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Colorado Domestic Violence & Restraining Orders

Being arrested for domestic violence in Colorado does not only result in jail time and serious charges filed against you, but you may also have a restraining order (also known as a protection order) filed against you. Protection orders prohibit contact between an alleged offender and an alleged victim, as well as the victim’s family members. 

There are three types of restraining orders for domestic violence offenses in Colorado: 

  • Temporary restraining order (TRO) – Also known as “ex parte” protection order, this type of order is the first step to obtaining a permanent restraining order (PRO). When an alleged victim files a JDF 402 form in court, a judge will hold a hearing on the same day – without the alleged offender present. If the victim shows he/she is in imminent danger of domestic violence, the judge will issue a TRO that lasts up to 14 days. The victim can have a lawyer appear with him/her. 

  • Permanent restraining order (PRO) – A court hearing to obtain a PRO is similar to a mini-trial. Both parties have an opportunity to hire legal representation, present their evidence, and call witnesses. If a judge grants a PRO, the restraining order is valid for potentially forever. 

  • Emergency protection order (EPO) – If an alleged victim is in danger of domestic violence or a sex crime and it is outside normal court hours (i.e., evenings, weekends, or holidays), then law enforcement officials can obtain an EPO, which is valid for up to three days, which gives the alleged victim enough time to apply for a TRO while still receiving court protection.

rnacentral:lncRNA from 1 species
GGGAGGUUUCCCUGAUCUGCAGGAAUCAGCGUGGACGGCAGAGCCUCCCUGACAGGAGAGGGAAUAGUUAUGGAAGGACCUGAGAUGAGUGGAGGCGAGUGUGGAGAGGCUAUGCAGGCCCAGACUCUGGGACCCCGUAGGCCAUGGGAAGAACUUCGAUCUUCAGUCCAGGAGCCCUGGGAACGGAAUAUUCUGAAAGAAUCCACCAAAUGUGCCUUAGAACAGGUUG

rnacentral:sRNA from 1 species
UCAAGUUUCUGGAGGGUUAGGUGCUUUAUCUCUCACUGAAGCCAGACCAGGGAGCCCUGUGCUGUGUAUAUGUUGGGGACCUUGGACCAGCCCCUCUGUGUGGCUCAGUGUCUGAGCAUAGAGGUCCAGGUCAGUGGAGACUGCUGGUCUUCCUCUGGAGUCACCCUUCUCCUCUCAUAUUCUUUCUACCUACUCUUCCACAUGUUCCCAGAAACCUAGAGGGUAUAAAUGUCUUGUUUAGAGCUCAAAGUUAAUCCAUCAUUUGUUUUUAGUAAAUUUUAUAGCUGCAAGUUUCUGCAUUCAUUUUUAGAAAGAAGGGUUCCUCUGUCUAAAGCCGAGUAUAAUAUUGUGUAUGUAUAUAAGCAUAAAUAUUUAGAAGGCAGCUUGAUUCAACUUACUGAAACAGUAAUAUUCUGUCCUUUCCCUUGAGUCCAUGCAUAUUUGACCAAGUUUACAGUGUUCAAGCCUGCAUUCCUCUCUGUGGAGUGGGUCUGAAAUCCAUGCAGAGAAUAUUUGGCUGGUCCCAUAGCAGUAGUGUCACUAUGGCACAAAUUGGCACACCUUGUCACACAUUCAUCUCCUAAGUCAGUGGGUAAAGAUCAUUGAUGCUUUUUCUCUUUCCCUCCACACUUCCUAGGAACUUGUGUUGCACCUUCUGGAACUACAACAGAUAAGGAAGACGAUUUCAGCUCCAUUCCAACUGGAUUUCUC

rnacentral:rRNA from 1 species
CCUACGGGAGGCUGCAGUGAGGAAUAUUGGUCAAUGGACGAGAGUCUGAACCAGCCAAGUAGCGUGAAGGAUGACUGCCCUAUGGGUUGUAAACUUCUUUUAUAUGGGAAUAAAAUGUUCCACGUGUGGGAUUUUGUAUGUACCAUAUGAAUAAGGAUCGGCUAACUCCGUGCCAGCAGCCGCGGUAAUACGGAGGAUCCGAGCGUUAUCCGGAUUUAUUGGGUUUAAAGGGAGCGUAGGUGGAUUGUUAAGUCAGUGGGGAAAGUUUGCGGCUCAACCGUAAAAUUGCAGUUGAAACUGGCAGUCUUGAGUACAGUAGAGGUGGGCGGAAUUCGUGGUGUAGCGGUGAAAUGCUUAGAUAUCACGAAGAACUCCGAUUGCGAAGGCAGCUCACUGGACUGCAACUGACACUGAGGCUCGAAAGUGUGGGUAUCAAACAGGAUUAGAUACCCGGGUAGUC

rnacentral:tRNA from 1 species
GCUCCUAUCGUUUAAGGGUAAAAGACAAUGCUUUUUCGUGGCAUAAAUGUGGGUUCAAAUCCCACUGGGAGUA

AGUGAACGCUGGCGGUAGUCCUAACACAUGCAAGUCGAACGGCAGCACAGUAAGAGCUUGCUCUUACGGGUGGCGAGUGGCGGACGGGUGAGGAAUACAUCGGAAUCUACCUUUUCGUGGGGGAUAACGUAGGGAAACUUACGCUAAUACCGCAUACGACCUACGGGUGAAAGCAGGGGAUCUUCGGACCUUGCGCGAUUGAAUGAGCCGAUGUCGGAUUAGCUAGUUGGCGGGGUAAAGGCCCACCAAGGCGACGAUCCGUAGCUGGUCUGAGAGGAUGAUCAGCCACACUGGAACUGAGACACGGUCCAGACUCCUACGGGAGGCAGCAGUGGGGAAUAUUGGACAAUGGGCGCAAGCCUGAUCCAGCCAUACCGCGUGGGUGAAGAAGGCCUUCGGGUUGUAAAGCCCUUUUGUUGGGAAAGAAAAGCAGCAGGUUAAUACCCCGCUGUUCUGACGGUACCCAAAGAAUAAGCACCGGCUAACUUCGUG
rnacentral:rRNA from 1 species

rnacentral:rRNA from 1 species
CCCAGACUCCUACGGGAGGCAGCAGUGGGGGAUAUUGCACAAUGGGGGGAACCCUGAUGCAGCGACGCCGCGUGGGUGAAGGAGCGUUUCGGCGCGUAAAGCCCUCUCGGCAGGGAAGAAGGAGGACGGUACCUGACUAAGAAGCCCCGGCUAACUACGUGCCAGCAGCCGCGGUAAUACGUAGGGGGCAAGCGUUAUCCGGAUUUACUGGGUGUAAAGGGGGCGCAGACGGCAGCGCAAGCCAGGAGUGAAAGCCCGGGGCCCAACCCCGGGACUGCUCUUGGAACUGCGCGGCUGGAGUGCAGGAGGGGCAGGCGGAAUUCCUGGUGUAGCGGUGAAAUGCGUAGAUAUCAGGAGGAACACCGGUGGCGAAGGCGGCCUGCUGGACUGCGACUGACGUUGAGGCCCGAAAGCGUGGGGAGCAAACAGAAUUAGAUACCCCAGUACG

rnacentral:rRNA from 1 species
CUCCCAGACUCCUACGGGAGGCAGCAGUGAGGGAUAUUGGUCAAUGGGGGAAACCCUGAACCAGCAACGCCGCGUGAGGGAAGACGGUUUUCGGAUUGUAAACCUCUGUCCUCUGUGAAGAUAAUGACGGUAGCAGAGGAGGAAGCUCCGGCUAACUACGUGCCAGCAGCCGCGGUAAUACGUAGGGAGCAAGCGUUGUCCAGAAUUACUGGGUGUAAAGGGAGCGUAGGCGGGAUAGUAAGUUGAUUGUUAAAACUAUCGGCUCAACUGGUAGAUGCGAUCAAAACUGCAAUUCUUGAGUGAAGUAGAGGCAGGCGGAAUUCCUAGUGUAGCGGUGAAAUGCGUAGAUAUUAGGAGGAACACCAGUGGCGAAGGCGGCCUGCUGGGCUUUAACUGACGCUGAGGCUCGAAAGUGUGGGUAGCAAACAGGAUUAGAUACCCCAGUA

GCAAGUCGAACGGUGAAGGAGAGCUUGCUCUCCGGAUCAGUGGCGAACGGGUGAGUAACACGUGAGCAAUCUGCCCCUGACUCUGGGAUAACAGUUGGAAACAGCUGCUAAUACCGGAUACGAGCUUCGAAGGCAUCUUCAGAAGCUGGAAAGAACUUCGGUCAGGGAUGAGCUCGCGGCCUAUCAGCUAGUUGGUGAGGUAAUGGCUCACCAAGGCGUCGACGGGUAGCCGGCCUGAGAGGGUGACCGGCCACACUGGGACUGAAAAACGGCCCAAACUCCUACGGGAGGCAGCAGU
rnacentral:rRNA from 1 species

While the restraining orders mentioned above are civil orders sought by victims, there are criminal restraining orders available in Colorado that are sought by courts. In fact, courts issue such orders even if the victim does not approve of them. Criminal restraining orders generally last throughout the underlying criminal case. 

Violating a civil protection order (e.g., TRO, PRO, or EPO) is a Class 2 misdemeanor, which carries a maximum jail term of 12 months and a fine of up to $1,000. On the other hand, violating a criminal protection order is a Class 1 misdemeanor, punishable by a jail sentence of up to 18 months and a maximum fine of $5,000. 

If you are facing domestic violence charges and a restraining order filed against you in Denver, contact the Law Offices of David L. Owen, Jr., P.C. today at (303) 622-3281 for a free consultation. Get more than 33 years of experience on your side!